Are you a food delivery courier?

One of our pupils - lets call him John - wanted to earn some money. A local fast food takeaway was advertising for delivery drivers to transport food to their customers, who had ordered it online.

Becoming a fast food courier seemed like the ideal part time job for John; he could study during the day then carry pizzas, burgers and other takeaway meals to other students (the main market in his neighbourhood) during the evening. He could not only get paid for riding round in his new scooter but could also meet a lot of new people - perhaps a few ladies that he could get to know better!!

He did well at first. He had to provide his own hot food bag which he carried on his shoulder; it was big, bulky and uncomfortable though, and far from ideal. Many of the meals he carried had to be carried flat; pizzas don't like being stacked at an angle and some of the packages leaked, leading to complaints and re-deliveries. He invested in a food carrier which attached to the back of his scooter; and that proved his undoing!

John only had normal everyday insurance on his scooter. He had heard rumours that a special food delivery courier insurance policy was needed for deliveries of takeaway food but no-one else seemed to be bothered about it and it was only a part time job anyway. He thought he would risk it - after all the police had better things to do than chase youngsters carrying nout the vital job of delivering food to hungry students, didn't they?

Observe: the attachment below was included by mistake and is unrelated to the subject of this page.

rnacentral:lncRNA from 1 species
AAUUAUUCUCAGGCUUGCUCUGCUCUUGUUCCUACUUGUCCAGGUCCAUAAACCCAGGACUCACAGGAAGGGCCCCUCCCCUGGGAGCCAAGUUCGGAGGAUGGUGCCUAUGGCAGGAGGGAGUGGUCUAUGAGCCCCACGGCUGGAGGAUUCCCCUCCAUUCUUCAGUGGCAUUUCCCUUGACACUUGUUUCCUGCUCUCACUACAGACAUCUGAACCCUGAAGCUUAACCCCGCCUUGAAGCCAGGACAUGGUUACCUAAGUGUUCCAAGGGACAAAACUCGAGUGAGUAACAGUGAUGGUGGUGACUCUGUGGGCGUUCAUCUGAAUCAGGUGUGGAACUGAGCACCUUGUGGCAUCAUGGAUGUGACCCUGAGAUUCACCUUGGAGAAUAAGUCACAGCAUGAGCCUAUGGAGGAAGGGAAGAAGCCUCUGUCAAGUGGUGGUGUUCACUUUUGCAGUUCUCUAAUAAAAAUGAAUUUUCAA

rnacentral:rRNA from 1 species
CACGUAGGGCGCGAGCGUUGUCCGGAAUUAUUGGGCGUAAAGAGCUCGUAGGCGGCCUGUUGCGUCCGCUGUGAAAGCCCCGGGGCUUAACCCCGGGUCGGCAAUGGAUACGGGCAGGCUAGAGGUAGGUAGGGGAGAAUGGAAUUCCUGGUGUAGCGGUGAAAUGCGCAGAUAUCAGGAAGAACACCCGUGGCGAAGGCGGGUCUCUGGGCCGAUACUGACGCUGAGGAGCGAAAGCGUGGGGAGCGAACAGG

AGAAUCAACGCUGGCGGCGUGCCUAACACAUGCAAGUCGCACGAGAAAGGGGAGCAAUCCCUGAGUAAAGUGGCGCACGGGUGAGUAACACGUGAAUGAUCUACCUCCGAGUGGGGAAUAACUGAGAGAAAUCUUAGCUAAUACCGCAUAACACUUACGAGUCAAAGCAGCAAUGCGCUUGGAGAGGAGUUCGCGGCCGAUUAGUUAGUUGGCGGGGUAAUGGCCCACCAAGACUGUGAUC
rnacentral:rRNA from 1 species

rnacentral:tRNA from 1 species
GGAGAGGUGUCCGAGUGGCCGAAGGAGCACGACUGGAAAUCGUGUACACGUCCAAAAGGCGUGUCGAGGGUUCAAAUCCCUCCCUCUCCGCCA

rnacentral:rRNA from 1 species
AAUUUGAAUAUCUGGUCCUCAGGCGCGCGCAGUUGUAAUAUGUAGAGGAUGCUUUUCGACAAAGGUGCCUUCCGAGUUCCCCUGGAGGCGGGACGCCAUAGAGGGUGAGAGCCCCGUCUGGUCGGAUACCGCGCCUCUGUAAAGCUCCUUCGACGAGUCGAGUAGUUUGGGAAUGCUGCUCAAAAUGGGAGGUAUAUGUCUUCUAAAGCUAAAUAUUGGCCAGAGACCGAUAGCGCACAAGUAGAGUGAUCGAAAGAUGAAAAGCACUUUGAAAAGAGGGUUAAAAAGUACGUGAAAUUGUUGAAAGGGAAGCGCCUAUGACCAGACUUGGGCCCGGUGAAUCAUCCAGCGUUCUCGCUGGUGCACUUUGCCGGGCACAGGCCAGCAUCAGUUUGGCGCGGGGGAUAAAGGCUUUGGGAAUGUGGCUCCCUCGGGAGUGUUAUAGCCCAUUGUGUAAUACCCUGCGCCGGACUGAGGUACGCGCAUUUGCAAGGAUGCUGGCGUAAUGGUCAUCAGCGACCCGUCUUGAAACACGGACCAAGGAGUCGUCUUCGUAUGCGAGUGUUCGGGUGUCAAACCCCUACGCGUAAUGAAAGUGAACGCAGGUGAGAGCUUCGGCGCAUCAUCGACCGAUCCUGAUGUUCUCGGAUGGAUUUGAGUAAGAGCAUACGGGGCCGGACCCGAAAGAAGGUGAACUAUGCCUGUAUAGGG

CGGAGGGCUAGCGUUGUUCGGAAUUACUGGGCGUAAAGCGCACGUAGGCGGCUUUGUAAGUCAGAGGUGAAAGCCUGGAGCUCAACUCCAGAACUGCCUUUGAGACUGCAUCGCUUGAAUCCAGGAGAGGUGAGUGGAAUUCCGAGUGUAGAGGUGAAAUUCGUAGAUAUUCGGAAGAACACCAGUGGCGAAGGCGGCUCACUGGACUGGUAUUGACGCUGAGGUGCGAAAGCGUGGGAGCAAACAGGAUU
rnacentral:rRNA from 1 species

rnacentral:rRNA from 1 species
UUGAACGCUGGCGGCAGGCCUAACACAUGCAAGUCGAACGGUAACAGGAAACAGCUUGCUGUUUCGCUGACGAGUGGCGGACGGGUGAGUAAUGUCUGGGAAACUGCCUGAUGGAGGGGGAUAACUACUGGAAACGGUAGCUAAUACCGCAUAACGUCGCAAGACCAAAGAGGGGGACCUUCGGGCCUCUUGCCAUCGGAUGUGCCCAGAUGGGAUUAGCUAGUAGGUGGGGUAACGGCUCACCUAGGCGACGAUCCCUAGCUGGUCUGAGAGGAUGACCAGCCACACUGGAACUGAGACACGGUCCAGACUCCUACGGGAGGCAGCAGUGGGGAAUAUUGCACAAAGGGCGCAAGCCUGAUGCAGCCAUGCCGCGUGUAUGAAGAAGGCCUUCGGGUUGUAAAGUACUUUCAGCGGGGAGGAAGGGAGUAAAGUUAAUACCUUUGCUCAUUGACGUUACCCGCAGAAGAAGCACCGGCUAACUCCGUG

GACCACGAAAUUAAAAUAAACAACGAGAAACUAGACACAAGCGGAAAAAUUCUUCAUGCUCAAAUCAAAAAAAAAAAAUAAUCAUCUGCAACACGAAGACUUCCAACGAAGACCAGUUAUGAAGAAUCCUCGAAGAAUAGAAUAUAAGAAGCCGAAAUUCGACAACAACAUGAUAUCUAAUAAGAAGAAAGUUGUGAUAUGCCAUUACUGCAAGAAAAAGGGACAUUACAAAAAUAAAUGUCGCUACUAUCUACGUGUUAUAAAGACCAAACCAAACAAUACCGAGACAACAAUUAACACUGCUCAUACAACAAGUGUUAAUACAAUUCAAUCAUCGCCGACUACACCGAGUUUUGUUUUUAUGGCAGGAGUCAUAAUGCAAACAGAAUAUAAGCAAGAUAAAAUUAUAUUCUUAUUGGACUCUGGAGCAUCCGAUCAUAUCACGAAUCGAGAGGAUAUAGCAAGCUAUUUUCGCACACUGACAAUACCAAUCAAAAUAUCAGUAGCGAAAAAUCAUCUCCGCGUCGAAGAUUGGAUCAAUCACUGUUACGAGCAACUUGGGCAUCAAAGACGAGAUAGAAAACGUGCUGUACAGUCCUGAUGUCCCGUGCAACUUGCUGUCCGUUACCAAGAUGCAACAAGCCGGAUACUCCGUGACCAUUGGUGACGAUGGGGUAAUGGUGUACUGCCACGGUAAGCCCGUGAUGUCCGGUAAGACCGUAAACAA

Sadly he was wrong. And that food container on the back of his scooter was a dead giveaway.

It was only a couple of days after the container was fitted, and on the first delivery of the evening he was flagged down by an officer in a police car. He was asked to produce his insurance details, which he couldn't do at first, but the police officer was able to check them over a device in his car. It turned out that he was only insured standard third party fire and theft; technically he was guilty of driving without insurance.

John was told to leave his scooter; it would be picked up by a truck from the police pound later. The food he was supposed to deliver was still in the hot food container but it was completely ruined by the time he got his scooter back the next day! Since he was the only delivery driver available that evening a lot of students went hungry and his boss was not well pleased.

Eventually he was fined £200 (it could have been much worse but his tears helped reduce it) and his licence was endorsed with six penalty points.

John is still delivering food for the same employer, and he has ambitions of running his own 'ghost kichen' one day. Perhaps by then the food deliveries will be carried out by unmanned drones, but in the meanwhile he is clocking up many more miles on his scooter every evening. He has no choice really; his parents paid the police pound fees, the fine and the cost of his insurance (very expensive because of the fact he had a conviction for driving without insurance!) and he has to pay them back somehow.

The moral? Yes, get a job in the evening to earn extra money if you can. But if you deliver food, make sure you have food delivery insurance first!